When we wish to emphasize the importance of something, we say that it is a matter of life and death. A matter of primary importance for those of us who believe in heaven and hell perhaps even the most important is our departure from the world and the life after death. After we are born, the only thing we can take for granted is that at some point we will die. In Holy Scripture, death is called the way of all the earth (3 Kingd. 2:2), because it is the road which we will all travel. All of us, therefore, must contemplate our death and prepare to encounter it. Christ himself stresses this, saying: Therefore, be ready, for it is at an hour which you do not expect that the Son of Man will come. (Matt. 24:44)
The saints of the Church stress that the remembrance of death is a great and enduring support in our spiritual struggle, both by halting our slide into sin and as a God-given strength in the exercise of virtue. Since we completely forget about death due to the cares and distractions of daily life, sometimes willfully, God reminds us of it in different ways, most poignantly when a family member or friend departs this life for the next.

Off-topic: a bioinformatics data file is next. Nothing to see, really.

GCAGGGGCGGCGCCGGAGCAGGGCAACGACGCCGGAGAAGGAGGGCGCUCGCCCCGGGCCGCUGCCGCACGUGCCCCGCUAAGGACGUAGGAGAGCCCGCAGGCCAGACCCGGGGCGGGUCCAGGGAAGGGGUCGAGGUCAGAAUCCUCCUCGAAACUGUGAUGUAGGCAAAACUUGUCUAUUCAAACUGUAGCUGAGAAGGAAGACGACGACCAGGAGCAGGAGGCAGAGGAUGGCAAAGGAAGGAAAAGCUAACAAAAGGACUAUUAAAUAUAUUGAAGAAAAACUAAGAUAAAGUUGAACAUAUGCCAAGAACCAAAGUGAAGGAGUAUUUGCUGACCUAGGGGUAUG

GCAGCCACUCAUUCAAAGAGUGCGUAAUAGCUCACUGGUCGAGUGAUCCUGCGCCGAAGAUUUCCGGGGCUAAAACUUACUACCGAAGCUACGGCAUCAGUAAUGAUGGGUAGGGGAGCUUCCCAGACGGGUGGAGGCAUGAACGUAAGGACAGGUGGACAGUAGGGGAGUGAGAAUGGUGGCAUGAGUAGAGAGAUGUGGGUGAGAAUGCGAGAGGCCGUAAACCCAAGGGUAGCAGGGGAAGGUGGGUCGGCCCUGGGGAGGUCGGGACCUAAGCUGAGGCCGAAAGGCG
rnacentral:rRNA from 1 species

In the present work we will try to see what it means for a lay person to be mindful of the time of death and how this mindfulness benefits the spiritual life. Everything we say is based on the experiences of the holy Fathers [of the Church] who lived in expectation both of their eventual departure from this life and of the coming of the Lord.
||New Rome Press
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